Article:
The answers to yesterday's N. B. Buford quiz

You have been hanging on the edges of your seats for the answers to those N.B. Buford questions raised yesterday, no doubt, and Eric Wittenberg has graciously allowed me to excerpt bits of his email to me on the subject. (He has been researching the Buford family for a new book.)

So little is known about this putative Stanton supremo that I want to run Eric's information at length. I'll interleave my own comments.

Query: What were NBB's Illinois connections?

EW: "... after N. B. graduated from West Point in 1827, he spent a number of years serving in various posts and positions, mostly associated with engineering. He ended up in Rock Island, Illinois. When his stepmother died in Kentucky in 1833 due to one of the cholera epidemics, his father, John Buford, Sr., decided to pick up his family and relocate it to Rock Island on the recommendation of his son, N. B. That's how his father ended up in Illinois, and how other members of the Buford family, including John, Sr.'s brother Charles, ended up in Rock Island. John, Jr. spent much of his youth in Rock Island, and was appointed to West Point from Illinois, and not from Kentucky. He dropped the Jr. after his father's death in 1849."

"When N. B. settled in Rock Island, he left the army. He got involved in business, and he and his father ended up starting what became a very successful store called Buford and Son. Later, after his father died, N. B. got involved in railroading, and was so engaged with the coming of war."

DR: Great stuff. Now I need to look at the family's politicking in Illinois and the connections they made. Eric notes that "the Bufords were Democrats, out of the Jacksonian mold. "

Query: Why did the vetting process for appointing Napoleon Buford commander of the AoP (in March 1862) involve Orville Browning?

EW: "Orville Browning was very close friends with N. B. Buford. Browning was also a powerful Republican Senator from Illinois, meaning that he was particularly close to Lincoln. He was also a member of the Radical wing of the Republican Party, meaning that he was well- connected politically."

"In other words, Stanton had to make certain that N. B. Buford was politically acceptable to the party leadership, which he was. Browning provided a good sounding board for seeing whether anyone would pass muster with the Radicals." [The Buford's family reputation as Democrats also] "probably has a lot to do with why Stanton would have vetted N. B. with Orville Browning."

"I have accounts of both John Buford and N. B. socializing with Browning in Washington, D. C., including New Year's Eve 1861-62."

DR: I was obsessing on Browning as Lincoln friend to the detriment of the obvious - Browning's status as early war Radical ringleader. I should mention here also that he was also a key anti-McClellan activist at the time that Buford was presented to him as an alternative.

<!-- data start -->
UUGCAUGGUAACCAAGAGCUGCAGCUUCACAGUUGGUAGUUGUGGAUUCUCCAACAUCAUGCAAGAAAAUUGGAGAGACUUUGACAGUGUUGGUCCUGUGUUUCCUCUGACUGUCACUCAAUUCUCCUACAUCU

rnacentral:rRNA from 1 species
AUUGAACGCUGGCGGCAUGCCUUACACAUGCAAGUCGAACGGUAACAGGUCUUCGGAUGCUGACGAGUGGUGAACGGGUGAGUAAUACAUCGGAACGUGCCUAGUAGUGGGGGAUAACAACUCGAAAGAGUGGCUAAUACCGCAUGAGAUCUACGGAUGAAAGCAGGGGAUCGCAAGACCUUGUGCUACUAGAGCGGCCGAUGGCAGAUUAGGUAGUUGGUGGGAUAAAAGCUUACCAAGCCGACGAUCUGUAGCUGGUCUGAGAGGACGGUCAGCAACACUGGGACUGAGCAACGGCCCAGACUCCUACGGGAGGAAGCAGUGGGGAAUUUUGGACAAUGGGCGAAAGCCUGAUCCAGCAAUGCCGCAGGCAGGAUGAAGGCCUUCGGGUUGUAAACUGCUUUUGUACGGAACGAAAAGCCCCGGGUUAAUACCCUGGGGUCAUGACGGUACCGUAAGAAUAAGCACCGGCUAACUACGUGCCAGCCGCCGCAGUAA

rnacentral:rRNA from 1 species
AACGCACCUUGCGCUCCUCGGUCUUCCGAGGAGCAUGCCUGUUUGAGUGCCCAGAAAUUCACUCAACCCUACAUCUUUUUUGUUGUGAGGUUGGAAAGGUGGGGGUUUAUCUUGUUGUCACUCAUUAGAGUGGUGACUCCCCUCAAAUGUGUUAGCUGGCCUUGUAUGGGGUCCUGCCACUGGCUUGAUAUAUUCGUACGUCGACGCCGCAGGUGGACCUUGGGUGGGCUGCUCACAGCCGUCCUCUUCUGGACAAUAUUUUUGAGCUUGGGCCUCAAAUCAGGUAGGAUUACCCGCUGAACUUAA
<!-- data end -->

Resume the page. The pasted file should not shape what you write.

By the way, parties tell an amazing story. Follow the parties closely, my friends. When I present the social calendars of McClellan's corps commanders prior to their appointments people are surprised - especially people who view Union military advancement as meritocratic.

Query: Is it true that Grant hated or despised him?

EW: "... true ..." "Being well-connected politically, N. B. had a tendency to shoot off his mouth, including criticizing Grant in public. In return, Grant banished N. B. to the backwater of the war, Helena, Arkansas, and also blocked N. B.'s promotion to major general repeatedly until the very end of the war, when it no longer mattered. That way, N. B. was prevented from holding any position of responsibility other than as an administrator. The roots of this conflict lay in N. B.'s service under Grant as far back as the Battle of Belmont, wherein N. B. blundered and nearly cost Grant the battle."

DR: Lamers, in his Rosecrans bio, similarly characterizes Grant as hating Rosecrans for public criticism of USG.

Query: What about his supporting player status in the ascendancy of Pope in the West?

DR: Eric had no comment on this. It's important, I think, to keep in mind Gideon Welles' stated opinion that Halleck and Pope had a pact for mutual advancement and that it was Pope who spent his political capital to make Halleck general-in-chief. I was (am) wondering whether Buford fit into these self-promotional plans, as he played the ground role in Pope's famous amphibious victory at Island No. 10.

Keep it tuned to this, your all Napoleon Buford all the time website.


Postscript 3:29 p.m. William Keene writes,

There is a letter from Grant to Lincoln, dated February 9,1863, which contains a remark that I found suprising since I had not expected Grant would use this kind of language in writing to Lincoln. The letter was about promotions and the remark is: "I see the name of N.B. Buford for Maj. Gen. He would scarcely make a respectable Hospital nurse if put in petticoats, and certainly is unfit for any other Military position. He has always been a dead weight to carry becoming more burthensome with his increased rank."